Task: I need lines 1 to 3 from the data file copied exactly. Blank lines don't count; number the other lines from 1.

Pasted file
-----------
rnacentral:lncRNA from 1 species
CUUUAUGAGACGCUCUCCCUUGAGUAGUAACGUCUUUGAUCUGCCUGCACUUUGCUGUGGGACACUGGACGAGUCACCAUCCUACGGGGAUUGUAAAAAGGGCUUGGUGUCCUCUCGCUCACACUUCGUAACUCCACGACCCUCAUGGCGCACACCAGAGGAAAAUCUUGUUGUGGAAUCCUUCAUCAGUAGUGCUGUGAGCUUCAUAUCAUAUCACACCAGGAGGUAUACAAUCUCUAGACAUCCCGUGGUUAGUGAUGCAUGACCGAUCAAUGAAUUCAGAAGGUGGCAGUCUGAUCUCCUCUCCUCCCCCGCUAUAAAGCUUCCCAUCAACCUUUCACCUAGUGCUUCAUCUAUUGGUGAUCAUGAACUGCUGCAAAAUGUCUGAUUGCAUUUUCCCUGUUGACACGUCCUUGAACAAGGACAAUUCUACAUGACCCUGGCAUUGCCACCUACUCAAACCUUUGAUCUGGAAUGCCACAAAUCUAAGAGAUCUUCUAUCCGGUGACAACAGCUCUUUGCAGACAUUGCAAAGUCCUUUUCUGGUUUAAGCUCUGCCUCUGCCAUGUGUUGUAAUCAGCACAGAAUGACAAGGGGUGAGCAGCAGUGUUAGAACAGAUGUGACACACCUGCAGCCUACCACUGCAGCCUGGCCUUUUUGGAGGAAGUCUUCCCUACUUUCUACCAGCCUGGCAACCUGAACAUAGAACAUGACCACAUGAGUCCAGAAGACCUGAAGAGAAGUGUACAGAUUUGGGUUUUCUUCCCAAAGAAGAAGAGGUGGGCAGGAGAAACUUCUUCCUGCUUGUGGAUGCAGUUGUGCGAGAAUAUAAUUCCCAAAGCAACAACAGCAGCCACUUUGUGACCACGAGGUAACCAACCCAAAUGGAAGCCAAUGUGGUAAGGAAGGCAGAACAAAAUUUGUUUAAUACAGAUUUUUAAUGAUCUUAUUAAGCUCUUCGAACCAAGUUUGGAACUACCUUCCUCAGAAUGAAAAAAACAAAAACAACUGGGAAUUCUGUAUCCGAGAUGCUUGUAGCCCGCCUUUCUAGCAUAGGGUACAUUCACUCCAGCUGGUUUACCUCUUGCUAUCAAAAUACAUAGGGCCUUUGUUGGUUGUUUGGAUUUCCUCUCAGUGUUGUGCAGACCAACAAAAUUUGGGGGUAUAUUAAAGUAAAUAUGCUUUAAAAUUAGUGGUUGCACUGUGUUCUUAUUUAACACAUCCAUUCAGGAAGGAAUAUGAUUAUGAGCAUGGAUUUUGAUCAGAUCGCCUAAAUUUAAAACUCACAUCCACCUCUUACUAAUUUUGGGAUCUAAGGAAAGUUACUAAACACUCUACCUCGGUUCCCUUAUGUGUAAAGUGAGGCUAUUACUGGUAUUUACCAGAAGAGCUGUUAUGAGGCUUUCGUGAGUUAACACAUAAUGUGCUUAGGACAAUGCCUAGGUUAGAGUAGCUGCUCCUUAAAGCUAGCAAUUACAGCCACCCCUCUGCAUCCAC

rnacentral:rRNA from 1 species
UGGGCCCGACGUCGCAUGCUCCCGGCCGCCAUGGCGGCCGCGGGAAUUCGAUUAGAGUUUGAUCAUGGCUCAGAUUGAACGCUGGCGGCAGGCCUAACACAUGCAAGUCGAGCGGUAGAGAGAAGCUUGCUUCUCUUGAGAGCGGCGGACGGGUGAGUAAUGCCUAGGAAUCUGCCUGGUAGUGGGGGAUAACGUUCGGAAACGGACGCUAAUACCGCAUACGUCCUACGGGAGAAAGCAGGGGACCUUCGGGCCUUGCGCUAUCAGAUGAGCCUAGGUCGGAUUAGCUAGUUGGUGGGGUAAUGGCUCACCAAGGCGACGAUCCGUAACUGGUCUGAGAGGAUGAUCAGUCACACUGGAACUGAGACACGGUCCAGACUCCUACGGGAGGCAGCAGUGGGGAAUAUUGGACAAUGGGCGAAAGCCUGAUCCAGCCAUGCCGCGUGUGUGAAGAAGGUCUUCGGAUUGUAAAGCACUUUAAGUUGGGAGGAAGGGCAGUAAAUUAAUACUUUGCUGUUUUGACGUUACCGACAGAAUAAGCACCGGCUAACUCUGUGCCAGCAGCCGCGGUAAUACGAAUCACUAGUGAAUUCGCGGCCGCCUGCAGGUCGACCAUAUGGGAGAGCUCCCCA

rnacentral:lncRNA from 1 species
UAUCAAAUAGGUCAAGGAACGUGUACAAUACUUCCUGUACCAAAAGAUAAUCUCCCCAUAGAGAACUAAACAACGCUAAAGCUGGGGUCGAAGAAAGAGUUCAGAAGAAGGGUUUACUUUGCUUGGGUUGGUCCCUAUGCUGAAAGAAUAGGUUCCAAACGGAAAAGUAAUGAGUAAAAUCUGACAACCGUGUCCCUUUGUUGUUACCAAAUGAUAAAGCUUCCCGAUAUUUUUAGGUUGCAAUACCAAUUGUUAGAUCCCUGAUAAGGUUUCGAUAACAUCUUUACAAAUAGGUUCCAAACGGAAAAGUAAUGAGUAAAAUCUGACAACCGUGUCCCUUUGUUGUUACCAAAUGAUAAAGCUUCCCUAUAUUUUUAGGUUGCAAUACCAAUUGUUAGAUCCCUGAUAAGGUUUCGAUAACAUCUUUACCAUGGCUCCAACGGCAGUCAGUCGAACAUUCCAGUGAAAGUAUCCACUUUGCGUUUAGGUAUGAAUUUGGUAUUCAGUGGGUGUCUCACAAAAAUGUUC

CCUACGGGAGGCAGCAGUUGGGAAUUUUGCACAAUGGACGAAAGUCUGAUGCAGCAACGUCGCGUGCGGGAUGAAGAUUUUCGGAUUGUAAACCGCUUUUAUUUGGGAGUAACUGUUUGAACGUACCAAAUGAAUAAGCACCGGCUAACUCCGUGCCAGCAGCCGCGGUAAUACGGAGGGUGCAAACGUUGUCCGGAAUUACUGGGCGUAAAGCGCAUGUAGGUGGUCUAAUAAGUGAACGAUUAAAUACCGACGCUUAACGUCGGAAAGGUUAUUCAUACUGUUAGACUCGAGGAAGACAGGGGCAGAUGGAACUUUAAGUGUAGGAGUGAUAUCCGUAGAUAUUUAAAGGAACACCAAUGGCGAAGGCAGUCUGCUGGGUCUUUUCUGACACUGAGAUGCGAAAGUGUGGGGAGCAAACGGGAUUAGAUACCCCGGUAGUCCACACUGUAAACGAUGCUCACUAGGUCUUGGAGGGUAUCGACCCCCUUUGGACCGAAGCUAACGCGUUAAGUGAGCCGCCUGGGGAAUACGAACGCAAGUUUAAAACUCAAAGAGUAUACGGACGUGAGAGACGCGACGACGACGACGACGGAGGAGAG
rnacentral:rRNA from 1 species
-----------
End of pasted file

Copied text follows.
rnacentral:lncRNA from 1 species
CUUUAUGAGACGCUCUCCCUUGAGUAGUAACGUCUUUGAUCUGCCUGCACUUUGCUGUGGGACACUGGACGAGUCACCAUCCUACGGGGAUUGUAAAAAGGGCUUGGUGUCCUCUCGCUCACACUUCGUAACUCCACGACCCUCAUGGCGCACACCAGAGGAAAAUCUUGUUGUGGAAUCCUUCAUCAGUAGUGCUGUGAGCUUCAUAUCAUAUCACACCAGGAGGUAUACAAUCUCUAGACAUCCCGUGGUUAGUGAUGCAUGACCGAUCAAUGAAUUCAGAAGGUGGCAGUCUGAUCUCCUCUCCUCCCCCGCUAUAAAGCUUCCCAUCAACCUUUCACCUAGUGCUUCAUCUAUUGGUGAUCAUGAACUGCUGCAAAAUGUCUGAUUGCAUUUUCCCUGUUGACACGUCCUUGAACAAGGACAAUUCUACAUGACCCUGGCAUUGCCACCUACUCAAACCUUUGAUCUGGAAUGCCACAAAUCUAAGAGAUCUUCUAUCCGGUGACAACAGCUCUUUGCAGACAUUGCAAAGUCCUUUUCUGGUUUAAGCUCUGCCUCUGCCAUGUGUUGUAAUCAGCACAGAAUGACAAGGGGUGAGCAGCAGUGUUAGAACAGAUGUGACACACCUGCAGCCUACCACUGCAGCCUGGCCUUUUUGGAGGAAGUCUUCCCUACUUUCUACCAGCCUGGCAACCUGAACAUAGAACAUGACCACAUGAGUCCAGAAGACCUGAAGAGAAGUGUACAGAUUUGGGUUUUCUUCCCAAAGAAGAAGAGGUGGGCAGGAGAAACUUCUUCCUGCUUGUGGAUGCAGUUGUGCGAGAAUAUAAUUCCCAAAGCAACAACAGCAGCCACUUUGUGACCACGAGGUAACCAACCCAAAUGGAAGCCAAUGUGGUAAGGAAGGCAGAACAAAAUUUGUUUAAUACAGAUUUUUAAUGAUCUUAUUAAGCUCUUCGAACCAAGUUUGGAACUACCUUCCUCAGAAUGAAAAAAACAAAAACAACUGGGAAUUCUGUAUCCGAGAUGCUUGUAGCCCGCCUUUCUAGCAUAGGGUACAUUCACUCCAGCUGGUUUACCUCUUGCUAUCAAAAUACAUAGGGCCUUUGUUGGUUGUUUGGAUUUCCUCUCAGUGUUGUGCAGACCAACAAAAUUUGGGGGUAUAUUAAAGUAAAUAUGCUUUAAAAUUAGUGGUUGCACUGUGUUCUUAUUUAACACAUCCAUUCAGGAAGGAAUAUGAUUAUGAGCAUGGAUUUUGAUCAGAUCGCCUAAAUUUAAAACUCACAUCCACCUCUUACUAAUUUUGGGAUCUAAGGAAAGUUACUAAACACUCUACCUCGGUUCCCUUAUGUGUAAAGUGAGGCUAUUACUGGUAUUUACCAGAAGAGCUGUUAUGAGGCUUUCGUGAGUUAACACAUAAUGUGCUUAGGACAAUGCCUAGGUUAGAGUAGCUGCUCCUUAAAGCUAGCAAUUACAGCCACCCCUCUGCAUCCAC

rnacentral:rRNA from 1 species